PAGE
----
1/2 tsp ground ginger
2 tsp sesame seeds
2 Tbsp Sriracha (or less)
3/4 tsp kosher salt
2 Tbsp canola oil

1.      Preheat oven to 350 degrees.
2.      Combine all ingredients except canola oil in a bowl. Mix well to combine. Roll into 20 meatballs.
3.      Heat canola oil in a skillet over medium high heat. Brown meatballs on all sides. (I do this in two batches to avoid overcrowding the pan.) Transfer meatballs to a baking dish.
4.      Bake in the preheated oven for 20 more minutes or until cooked through.
5.      Transfer to a serving platter. Sprinkle with more sesame seeds and chopped scallions if desired.

March 23, 2011

Ginger Chicken with Rice

I love the idea of a lazy Sunday in the kitchen. The whole family together, talking and laughing. Chopping, browning, stirring, simmering, braising and then sitting down to a long, leisurely meal.

But it never seems to work out that way. No matter how free our weekend appears on a Friday evening, Sunday afternoon usually finds us running errands, tackling home improvement projects and driving to and from birthday parties.

This past weekend was no different. By the time Sunday evening rolled around, I only had about an hour to get dinner on the table. I reached back to a recipe I’d tried once before. It was a recipe for ginger chicken with rice, which I’d found in Food & Wine magazine. (You can find the original recipe here.) The beauty of this dish is that it’s prepared entirely in a rice cooker. You layer in your ingredients, and then let the rice cooker do all the work.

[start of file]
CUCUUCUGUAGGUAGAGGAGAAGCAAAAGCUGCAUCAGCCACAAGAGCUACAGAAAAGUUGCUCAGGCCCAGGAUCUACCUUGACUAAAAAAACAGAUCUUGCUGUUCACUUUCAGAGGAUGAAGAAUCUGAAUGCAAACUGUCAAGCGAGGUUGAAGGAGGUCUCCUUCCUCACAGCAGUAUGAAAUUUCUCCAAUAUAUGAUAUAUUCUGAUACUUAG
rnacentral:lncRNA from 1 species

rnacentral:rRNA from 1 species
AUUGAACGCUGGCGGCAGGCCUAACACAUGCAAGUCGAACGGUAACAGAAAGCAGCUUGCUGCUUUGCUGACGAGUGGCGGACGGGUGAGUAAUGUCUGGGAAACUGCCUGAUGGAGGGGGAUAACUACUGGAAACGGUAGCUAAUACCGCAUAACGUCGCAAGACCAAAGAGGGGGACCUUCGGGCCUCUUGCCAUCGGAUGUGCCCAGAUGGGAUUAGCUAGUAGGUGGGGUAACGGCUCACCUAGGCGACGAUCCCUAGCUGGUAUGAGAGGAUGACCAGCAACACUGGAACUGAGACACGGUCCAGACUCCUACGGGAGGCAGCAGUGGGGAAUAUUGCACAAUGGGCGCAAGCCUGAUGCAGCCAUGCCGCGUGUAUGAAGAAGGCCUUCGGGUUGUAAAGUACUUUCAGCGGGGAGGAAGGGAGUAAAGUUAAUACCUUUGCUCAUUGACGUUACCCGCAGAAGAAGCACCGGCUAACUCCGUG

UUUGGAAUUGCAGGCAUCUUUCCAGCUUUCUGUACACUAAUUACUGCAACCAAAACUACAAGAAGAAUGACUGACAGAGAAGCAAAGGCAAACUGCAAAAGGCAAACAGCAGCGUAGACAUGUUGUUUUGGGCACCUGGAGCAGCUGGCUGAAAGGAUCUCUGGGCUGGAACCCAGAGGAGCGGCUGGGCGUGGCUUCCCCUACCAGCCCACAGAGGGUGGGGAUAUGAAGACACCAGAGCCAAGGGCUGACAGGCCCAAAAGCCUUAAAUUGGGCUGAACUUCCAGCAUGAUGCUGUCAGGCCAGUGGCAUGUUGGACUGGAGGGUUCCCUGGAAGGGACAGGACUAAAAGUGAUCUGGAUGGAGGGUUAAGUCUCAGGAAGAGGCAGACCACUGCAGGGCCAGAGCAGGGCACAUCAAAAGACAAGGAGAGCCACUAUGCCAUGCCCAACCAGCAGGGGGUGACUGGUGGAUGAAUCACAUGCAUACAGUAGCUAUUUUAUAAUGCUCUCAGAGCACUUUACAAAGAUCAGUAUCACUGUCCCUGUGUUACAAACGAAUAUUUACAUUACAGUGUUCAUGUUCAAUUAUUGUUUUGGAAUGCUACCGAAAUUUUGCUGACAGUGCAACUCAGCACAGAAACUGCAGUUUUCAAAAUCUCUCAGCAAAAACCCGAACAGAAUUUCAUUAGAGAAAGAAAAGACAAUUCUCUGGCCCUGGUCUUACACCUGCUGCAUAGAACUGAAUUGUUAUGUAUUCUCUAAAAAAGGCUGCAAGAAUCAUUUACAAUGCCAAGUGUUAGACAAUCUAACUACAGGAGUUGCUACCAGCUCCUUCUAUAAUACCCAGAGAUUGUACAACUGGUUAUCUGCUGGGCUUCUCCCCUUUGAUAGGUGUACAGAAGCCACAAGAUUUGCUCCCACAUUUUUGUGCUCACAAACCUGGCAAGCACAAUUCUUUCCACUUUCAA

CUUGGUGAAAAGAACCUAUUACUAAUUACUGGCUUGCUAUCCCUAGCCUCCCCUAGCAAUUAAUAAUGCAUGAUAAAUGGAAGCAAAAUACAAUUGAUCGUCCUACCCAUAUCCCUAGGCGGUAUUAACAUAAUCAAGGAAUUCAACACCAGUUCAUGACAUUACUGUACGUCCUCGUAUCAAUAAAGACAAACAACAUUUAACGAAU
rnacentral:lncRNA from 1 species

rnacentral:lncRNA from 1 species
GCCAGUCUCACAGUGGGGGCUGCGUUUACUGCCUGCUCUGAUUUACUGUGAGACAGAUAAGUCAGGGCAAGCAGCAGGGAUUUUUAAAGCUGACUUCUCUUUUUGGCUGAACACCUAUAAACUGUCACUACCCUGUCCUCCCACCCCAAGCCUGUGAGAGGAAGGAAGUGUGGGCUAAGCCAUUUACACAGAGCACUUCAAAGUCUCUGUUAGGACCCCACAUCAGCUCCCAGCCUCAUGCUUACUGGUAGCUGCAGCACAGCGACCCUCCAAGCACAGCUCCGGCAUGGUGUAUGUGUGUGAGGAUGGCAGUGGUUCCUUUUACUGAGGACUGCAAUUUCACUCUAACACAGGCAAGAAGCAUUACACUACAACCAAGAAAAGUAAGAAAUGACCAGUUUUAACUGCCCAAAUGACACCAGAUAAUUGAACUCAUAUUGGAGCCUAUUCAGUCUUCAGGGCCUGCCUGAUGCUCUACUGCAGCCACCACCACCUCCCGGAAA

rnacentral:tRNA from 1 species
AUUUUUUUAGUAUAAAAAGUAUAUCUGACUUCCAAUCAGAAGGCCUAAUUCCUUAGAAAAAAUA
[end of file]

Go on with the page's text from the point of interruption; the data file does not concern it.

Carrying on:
The first time I’d made the recipe with mixed results. The rice and chicken were perfectly cooked. But the ginger, which I’d cut into matchsticks as the recipe instructed, was a bit overpowering.

This time I grated the ginger instead of cutting it. You could still taste the ginger, but without having to bite into a big, spicy chunk of it. I made a few other changes to the recipe, cutting down on the amount of chicken and replacing the water/bouillon mixture with chicken broth. The result was a healthy, delicious one-pot dinner.

Next time I might leave out the chicken altogether and serve the ginger, spinach and coconut-infused rice as a side dish.